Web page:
The honey of course serves to attract the Humble Bees by which the flower is fertilised, and to which it is especially adapted; the white colour makes the flower more conspicuous; the lower lip forms the stage on which the Bees may alight; the length of the tube is adapted to that of their proboscis; its narrowness and the fringe of fine hairs exclude small insects which might rob the flower of its honey without performing any service in return; the arched upper lip protects the stamens and pistil, and prevents rain-drops from choking up the tube and washing away the honey; the little teeth are, I believe, of no use to the flower in its present condition, they are the last relics of lobes once much larger, and still remaining so in some allied species, but which in the Dead-nettle, being no longer of any use, are gradually disappearing; the height of the arch has reference to the size of the Bee, being just so much above the alighting stage that the Bee, while sucking the honey, rubs its back against the hood and thus comes in contact first with the stigma and then with the anthers, the pollen-grains from which adhere to the hairs on the Bees back, and are thus carried off to the next flower which the Bee visits, when some of them are then licked off by the viscid tip of the stigma.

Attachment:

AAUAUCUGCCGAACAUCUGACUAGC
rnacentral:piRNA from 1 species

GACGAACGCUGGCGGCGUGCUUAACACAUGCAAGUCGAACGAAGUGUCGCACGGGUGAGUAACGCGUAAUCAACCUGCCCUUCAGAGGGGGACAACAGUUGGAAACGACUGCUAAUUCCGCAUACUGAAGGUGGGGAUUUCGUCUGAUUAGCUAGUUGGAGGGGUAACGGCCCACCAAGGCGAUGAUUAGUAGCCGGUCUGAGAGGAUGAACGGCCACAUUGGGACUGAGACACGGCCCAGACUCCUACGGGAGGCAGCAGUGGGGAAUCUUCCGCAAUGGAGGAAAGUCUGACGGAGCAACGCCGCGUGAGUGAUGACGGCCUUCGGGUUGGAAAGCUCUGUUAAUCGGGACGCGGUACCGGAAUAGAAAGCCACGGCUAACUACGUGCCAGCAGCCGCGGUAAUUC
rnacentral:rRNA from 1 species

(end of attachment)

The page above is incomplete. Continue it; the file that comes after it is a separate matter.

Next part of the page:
In the Salvias, the common blue Salvia of our gardens, for instance, a plant allied to the Dead-nettle, the flower is constructed on the same plan, but the arch is much larger, so that the back of the Bee does not nearly reach it. The stamens, however, have undergone a remarkable modification. Two of them have become small and functionless. In the other two the anthers or cells producing the pollen, which in most flowers form together a round knob or head at the top of the stamen, are separated by a long arm, which plays on the top of the stamen as on a hinge. Of these two arms one hangs down into the tube, closing the passage, while the other lies under the arched upper lip. When the Bee pushes its proboscis down the tube it presses the lower arm to one side, and the upper arm consequently descends, tapping the Bee on the back, and dusting it with pollen. When the flower is a little older the pistil has elongated so that the stigma touches the back of the Bee and carries off some of the pollen. This sounds a little complicated, but is clear enough if we take a twig or stalk of grass and push it down the tube, when one arm of each of the two larger stamens will at once make its appearance. It is one of the most beautiful pieces of plant mechanism which I know, and was first described by Sprengel, a poor German schoolmaster.